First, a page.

You might have heard that puzzles like crosswords and sudoku stimulate the brain and help ward off cognitive decline. But brain games—or cognitive training, as we neuroscientists like to call it—do more than make you slightly sharper as you age. Cognitive training has the potential to target multiple aspects of your cognitive power and improve them in a matter of months, boosting memory, concentration, comprehension, problem solving, creativity, and even intelligence. If that weren’t enough incentive, brain games can also help treat cognitive damage (which we discovered during our clinical trial with NFL players) and slow the brain’s aging process.

I grew up in a household of brain games, even though I didn’t know it at the time. My mother played lots of solitaire and gin rummy, and she made us the go-to house in the neighborhood for weekly bridge games. Our cabinet was also full of board games like Trivial Pursuit, checkers, and backgammon, along with word games like Mad Libs (my favorite) and three-dimensional combination puzzles like Rubik’s cubes.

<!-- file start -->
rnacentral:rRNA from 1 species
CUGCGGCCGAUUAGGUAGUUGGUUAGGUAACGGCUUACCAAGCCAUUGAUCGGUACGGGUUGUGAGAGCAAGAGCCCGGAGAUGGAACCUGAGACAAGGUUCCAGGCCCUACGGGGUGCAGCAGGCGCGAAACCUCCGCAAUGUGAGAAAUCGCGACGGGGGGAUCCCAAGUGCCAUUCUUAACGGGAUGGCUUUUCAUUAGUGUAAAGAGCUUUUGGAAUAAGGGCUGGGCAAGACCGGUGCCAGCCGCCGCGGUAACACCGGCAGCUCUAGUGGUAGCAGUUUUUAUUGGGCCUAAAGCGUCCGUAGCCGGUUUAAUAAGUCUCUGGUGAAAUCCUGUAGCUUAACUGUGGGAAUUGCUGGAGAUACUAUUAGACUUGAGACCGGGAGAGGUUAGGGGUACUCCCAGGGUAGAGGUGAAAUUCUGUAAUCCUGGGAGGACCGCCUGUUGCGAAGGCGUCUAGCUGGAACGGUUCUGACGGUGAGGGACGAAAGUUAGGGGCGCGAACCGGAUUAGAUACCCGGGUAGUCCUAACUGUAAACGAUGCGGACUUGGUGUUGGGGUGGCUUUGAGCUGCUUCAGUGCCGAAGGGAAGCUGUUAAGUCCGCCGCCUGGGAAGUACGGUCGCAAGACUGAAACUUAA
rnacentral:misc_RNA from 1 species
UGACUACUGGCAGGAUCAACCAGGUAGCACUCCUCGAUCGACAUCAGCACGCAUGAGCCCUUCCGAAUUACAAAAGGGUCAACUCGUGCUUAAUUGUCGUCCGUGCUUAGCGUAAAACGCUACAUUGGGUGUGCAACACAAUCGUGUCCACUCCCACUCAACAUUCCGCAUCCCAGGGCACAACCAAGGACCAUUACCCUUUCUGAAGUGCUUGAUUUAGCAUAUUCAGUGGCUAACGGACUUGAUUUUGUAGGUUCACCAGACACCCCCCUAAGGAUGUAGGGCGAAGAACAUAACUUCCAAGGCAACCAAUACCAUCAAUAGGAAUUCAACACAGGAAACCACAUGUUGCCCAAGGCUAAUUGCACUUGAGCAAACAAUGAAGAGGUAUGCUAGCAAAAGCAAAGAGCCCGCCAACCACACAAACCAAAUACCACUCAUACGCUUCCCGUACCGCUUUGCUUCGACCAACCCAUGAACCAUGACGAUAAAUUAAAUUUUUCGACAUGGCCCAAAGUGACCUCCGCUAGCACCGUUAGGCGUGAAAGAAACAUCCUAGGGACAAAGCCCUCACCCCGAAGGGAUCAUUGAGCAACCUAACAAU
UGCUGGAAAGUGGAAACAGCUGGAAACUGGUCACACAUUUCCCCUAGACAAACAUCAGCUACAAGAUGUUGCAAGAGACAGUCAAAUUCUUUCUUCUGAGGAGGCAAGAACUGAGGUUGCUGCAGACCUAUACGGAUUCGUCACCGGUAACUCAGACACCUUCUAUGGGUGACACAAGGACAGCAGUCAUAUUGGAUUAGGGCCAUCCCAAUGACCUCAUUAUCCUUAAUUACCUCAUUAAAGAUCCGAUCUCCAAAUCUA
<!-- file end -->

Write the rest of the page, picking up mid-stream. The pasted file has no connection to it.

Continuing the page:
Our cognitive training didn’t stop with traditional games, though. My mother was an avid artist and spent her free time drawing, painting, sculpting, and weaving, often inviting me to join her or encouraging me to take classes at the Art Institute of Chicago. She just loved creating, and whether that was through art or baking, I learned alongside her. I couldn’t tell you the number of times I stood next to her in the kitchen, measuring ingredients, following family recipes, and watching her estimate cooking times and fine-tune cooking methods.

Through my father, I was introduced to a myriad of musical instruments, everything from the classical guitar and harmonica to the piano, flute, tambourine, banjo, and the child’s classic, the recorder. I tried to learn from sheet music and the different ways to play each instrument, also tinkering with how to tune and clean each one.

This is all to say I was constantly surrounded by pursuits that challenged my cognitive capacity, introduced me to new skills, and made me think in different ways—and that is exactly what cognitive training is all about. It doesn’t have to take the form of a traditional “game” to help stimulate the growth of new brain cells, strengthen neural pathways, and sharpen your mind in the moment and for years to come.